Most patients 35 or over normally develop some wear and tear changes in the tendons of the rotator cuff and are more susceptible to rotator cuff tendonitis with overuse. The presence of spurs on the undersurface of the acromion and the AC joint is more prevalent in even older age groups.
One of the diagnoses that we use to describe the group of patients who have rotator cuff tendonitis secondary to spurs under the acromion or AC joint is “Impingement Syndrome.” These patients have symptoms the same as or similar to those described above, but the most prominent complaint is pain with overhead use and athletic activities.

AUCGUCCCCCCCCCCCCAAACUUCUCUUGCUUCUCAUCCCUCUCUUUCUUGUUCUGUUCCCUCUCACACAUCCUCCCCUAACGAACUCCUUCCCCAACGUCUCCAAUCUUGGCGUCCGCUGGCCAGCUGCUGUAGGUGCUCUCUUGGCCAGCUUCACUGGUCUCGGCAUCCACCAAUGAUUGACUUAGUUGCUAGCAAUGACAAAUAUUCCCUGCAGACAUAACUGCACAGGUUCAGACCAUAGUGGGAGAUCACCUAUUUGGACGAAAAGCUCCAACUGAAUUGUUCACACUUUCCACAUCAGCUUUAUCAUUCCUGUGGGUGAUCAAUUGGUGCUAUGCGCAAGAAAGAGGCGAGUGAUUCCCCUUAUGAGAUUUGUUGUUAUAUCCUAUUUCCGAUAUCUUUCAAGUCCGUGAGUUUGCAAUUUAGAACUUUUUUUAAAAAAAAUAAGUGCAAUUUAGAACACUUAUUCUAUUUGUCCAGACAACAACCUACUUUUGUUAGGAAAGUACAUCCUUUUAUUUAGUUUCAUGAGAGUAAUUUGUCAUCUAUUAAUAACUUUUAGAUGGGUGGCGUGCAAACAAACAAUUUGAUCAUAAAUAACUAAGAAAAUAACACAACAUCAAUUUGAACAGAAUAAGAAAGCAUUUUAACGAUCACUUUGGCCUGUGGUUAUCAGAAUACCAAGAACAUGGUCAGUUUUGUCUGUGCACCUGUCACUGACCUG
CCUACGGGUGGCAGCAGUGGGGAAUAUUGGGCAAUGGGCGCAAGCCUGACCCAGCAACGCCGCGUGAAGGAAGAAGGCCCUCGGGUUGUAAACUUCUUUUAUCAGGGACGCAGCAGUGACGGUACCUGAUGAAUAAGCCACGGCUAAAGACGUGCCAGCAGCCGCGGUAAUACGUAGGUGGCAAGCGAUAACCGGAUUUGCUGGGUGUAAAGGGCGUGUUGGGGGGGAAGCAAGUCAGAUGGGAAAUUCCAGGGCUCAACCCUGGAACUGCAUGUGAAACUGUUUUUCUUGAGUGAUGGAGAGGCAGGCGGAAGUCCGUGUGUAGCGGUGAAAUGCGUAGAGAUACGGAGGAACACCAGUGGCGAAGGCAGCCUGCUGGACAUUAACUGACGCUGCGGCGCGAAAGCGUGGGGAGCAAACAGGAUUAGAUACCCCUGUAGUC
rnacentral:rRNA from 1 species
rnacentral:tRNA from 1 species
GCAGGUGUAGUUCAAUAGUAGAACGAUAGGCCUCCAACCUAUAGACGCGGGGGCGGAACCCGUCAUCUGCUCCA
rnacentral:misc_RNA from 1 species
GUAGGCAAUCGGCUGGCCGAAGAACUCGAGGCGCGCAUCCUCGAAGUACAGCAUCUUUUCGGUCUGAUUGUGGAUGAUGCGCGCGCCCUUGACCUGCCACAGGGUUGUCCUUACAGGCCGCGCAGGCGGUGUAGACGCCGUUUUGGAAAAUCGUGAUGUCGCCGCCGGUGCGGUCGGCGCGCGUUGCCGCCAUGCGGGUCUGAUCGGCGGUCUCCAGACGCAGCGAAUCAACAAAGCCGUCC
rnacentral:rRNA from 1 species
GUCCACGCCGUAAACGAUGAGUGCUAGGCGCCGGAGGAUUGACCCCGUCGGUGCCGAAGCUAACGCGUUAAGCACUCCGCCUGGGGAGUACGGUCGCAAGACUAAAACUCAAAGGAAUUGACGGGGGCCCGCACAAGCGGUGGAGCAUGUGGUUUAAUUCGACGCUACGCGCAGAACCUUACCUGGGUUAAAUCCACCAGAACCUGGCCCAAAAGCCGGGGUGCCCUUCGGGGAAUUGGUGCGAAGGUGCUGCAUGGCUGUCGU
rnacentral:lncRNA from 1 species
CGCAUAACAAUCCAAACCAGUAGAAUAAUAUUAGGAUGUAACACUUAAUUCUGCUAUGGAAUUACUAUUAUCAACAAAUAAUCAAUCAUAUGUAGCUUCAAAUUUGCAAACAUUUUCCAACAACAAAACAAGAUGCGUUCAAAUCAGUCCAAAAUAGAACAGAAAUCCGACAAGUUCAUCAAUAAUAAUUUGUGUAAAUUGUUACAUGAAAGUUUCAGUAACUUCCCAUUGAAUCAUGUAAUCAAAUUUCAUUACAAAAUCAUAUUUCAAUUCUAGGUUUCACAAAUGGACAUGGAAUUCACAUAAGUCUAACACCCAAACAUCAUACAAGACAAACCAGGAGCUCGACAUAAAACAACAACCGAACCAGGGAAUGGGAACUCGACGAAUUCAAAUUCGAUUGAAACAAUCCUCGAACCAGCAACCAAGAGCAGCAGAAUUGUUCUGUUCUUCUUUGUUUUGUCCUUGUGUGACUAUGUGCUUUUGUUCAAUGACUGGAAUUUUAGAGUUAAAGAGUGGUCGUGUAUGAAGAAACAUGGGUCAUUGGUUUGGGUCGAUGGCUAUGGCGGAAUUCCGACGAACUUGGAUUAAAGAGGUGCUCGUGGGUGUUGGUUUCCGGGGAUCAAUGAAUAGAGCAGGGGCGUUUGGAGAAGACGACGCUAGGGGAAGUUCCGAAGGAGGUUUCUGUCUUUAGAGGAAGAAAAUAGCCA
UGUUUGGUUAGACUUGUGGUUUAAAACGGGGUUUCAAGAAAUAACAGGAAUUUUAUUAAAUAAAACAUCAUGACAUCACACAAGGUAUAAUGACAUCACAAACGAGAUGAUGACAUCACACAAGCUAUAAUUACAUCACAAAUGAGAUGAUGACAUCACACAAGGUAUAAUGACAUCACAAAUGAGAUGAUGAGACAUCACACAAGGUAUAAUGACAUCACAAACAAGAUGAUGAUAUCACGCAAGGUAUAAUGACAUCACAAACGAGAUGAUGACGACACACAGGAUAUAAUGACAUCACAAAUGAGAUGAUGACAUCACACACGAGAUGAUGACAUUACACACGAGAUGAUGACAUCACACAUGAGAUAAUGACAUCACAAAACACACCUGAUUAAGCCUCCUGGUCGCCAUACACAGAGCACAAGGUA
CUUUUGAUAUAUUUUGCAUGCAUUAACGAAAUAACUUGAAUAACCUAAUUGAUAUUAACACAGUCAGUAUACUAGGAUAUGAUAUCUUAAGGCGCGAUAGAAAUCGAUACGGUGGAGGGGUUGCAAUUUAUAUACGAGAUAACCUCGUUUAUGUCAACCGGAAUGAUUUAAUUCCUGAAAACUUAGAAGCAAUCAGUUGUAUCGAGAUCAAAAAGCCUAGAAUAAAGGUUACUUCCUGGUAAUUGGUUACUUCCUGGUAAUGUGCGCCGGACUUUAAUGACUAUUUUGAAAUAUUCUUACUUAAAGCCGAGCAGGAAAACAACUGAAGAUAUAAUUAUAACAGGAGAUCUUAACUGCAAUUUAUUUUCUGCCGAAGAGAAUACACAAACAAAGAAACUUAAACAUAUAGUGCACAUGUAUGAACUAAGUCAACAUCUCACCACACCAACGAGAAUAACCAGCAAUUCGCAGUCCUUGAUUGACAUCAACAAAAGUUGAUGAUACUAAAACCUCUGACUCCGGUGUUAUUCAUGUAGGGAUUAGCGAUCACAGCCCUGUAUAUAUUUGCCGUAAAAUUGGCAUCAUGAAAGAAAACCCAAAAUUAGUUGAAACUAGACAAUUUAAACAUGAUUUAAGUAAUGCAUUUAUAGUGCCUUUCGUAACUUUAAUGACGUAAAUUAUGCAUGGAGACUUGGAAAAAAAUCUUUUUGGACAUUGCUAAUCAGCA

The initial treatment as outlined above is appropriate for patients in this category also. Some patients in this group will also have calcium deposits in the rotator cuff secondary to more chronic degeneration and overuse. An occasional young patient will have an abnormally formed acromion or spur which leads to rotator cuff tendonitis with overuse. If this is the case, and it fails to respond to treatment as outlined, arthroscopic surgery may be indicated to remove the spur.